1. Reply

      Beth

      Jul, you truly are all those wonderful things, and more. I’ve known you for years and I have never–not even once–seen you be unkind. Not even snarky, really. I’m sorry you had to work to see your own beauty, but glad you did the work. Because you did, you are able to share all that goodness with everyone you touch, which snowballs. All who know you benefit from the love you give, which makes each of us that much more capable of passing along love to others. I think you’re just fabulous.

  2. Reply

    Jo Heroux

    For many years this would have been a very negative list. Now, not so much. I like me now and I like many things about myself that have developed with age and acceptance. I am the woman I used to hope I would be and I am still a work in progress. I am patient, I am enough. I am happy and more often than not, I am kind. I love unconditionally and most often forever.
    This exercise would have saved me a lot of lost friendships had I done it back in my thirties. But it’s never too late to become. And it’s never to late to improve. I am and I am.
    I really love how you laid this out. Excellently done.

    1. Reply

      Jo Heroux

      Oops! I messed up the http AGAIN.

      1. Reply

        Beth

        Jo, I love this: “I am the woman I used to hope I would be and I am still a work in progress.” When people ask about my kids, I tell them my oldest is the women I hope to be when I grow up. 😉

        You are kind and accepting. You listen with an open mind and an open heart. You see the good in people. How wonderful is all that?!

        Oh, and the http? Copy and paste, Jo. Copy and paste. 🙂

  3. Reply

    Malcolm Campbell

    Sometimes people spend time saying affirmations for 15 minutes every morning and again before going to sleep. This is good. What’s not good is spending the rest of the day with the kind of negative chatter you’re talking about here. When they wonder why the affirmations are bringing them perfect health, riches, etc., they need to consider that those affirmations have been canceled out by the way they are thinking about themselves 99% of the time.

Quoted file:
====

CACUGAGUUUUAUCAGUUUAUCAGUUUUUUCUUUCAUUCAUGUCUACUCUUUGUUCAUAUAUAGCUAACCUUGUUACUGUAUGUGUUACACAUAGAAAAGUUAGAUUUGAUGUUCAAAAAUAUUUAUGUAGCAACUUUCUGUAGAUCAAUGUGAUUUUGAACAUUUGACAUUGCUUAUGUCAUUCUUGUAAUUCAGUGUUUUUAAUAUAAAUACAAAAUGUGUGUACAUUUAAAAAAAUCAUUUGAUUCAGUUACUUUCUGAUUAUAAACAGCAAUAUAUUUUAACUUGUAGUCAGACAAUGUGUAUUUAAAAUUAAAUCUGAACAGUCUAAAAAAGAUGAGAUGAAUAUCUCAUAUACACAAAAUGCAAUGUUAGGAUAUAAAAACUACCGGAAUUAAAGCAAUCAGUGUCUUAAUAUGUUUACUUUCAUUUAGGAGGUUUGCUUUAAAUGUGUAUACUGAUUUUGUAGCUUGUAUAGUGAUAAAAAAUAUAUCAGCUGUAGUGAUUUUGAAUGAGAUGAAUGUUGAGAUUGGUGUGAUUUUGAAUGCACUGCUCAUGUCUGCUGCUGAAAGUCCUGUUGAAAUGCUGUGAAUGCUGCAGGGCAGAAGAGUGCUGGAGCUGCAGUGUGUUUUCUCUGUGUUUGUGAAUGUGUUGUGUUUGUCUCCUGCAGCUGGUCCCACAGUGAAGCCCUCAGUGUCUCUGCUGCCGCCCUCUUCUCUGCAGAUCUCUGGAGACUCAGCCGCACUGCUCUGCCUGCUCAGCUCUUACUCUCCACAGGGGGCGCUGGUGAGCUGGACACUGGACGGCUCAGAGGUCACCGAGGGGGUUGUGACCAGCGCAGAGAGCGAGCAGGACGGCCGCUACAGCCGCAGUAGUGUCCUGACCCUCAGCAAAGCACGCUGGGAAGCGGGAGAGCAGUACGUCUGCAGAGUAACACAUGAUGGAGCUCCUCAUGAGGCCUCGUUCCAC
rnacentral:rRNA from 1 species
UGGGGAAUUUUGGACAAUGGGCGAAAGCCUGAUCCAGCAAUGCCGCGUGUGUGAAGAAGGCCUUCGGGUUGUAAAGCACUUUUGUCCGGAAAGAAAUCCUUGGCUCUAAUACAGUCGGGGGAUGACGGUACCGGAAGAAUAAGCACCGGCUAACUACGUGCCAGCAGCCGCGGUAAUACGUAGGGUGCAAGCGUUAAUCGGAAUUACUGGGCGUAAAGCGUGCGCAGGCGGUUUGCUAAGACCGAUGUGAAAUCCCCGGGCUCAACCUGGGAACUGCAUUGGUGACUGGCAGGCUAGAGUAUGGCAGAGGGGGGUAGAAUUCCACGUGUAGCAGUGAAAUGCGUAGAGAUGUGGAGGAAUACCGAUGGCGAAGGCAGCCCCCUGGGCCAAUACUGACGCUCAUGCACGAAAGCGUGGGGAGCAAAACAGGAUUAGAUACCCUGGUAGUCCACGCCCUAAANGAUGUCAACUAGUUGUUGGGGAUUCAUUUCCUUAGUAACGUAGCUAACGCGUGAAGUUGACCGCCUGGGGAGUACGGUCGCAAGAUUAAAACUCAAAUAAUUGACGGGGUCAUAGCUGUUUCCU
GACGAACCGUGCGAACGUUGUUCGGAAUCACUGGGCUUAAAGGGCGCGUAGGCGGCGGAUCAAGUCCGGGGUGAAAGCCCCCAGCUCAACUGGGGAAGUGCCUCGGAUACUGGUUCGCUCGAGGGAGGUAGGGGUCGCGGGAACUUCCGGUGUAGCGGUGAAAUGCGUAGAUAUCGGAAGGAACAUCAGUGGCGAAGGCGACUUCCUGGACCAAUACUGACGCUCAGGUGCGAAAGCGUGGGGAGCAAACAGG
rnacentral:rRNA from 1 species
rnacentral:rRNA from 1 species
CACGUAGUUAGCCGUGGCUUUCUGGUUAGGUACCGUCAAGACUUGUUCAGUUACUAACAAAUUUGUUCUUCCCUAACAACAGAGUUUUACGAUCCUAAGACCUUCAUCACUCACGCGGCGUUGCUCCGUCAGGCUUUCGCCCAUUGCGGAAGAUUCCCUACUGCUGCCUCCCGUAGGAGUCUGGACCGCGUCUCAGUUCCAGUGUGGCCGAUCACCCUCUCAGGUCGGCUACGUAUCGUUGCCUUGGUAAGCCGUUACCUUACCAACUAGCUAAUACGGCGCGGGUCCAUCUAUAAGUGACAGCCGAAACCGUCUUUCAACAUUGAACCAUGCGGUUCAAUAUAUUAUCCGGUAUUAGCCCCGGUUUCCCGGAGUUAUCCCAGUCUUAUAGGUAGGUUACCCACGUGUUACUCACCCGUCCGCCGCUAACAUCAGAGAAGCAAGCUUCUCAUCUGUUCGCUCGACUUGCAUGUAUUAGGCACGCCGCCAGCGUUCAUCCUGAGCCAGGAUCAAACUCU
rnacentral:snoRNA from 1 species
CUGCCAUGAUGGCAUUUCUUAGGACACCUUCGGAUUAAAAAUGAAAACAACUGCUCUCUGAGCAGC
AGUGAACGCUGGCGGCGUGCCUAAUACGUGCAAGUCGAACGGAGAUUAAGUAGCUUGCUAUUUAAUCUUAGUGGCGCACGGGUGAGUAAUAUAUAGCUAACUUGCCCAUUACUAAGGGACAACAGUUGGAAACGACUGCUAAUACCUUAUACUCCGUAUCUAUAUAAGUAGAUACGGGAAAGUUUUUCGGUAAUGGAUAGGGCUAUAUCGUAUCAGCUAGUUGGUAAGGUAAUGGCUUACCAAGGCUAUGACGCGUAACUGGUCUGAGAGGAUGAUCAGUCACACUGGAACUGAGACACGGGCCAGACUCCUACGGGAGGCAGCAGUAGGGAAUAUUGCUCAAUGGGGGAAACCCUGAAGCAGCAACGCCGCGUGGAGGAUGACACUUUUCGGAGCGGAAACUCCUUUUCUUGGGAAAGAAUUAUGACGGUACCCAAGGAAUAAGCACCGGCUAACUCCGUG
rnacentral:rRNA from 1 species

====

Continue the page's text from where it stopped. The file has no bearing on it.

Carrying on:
1. Reply

      Beth

      Absolutely, Malcolm. That’s kind of like eating a nice salad for dinner but snacking on junk all day long and then wondering why your jeans are still tight. Not that I’d know anything about that. 😀

  4. Reply

    Tammy Minnis

    I can relate to this.

    I radiate how I feel about myself good or bad.

    1. Reply

      Beth

      Me, too. The other day, a friend commented on my profile pic. “You’re beautiful,” she said.

      I started to type my reply: “Thank you. I’ve chopped off the locks and am in the process of growing my hair back, Right now, I’m sporting kind of an elderly librarian look.” Before I hit enter, I backspaced and kept just the first sentence. “Thank you.”

      Why is it we (I’m sure it’s not just me) sometimes respond to compliments with an explanation of how we’re not really that smart, talented, pretty, or capable? Crazy. I’m glad I backed up before I sent it and both accepted and expressed my gratitude for her kind words.

      1. Reply

        Tammy Minnis

        I think sometimes we do that because we like the idea of change more and are looking forward to it? And sometimes we are doing it to down play a nice complement. Like when I man says he likes your dress and you say, “Why this old thing?”

        1. Reply

          Beth

          I think it’s most often the second one–we play down compliments. Maybe we were just raised to be “nice girls” and mistook that to mean that we shouldn’t seem prideful or self-centered. In any case, I think it’s healthy to see the best in ourselves. What we focus on grows, so knowing that, we surely shouldn’t pretend we don’t have blessings and gifts.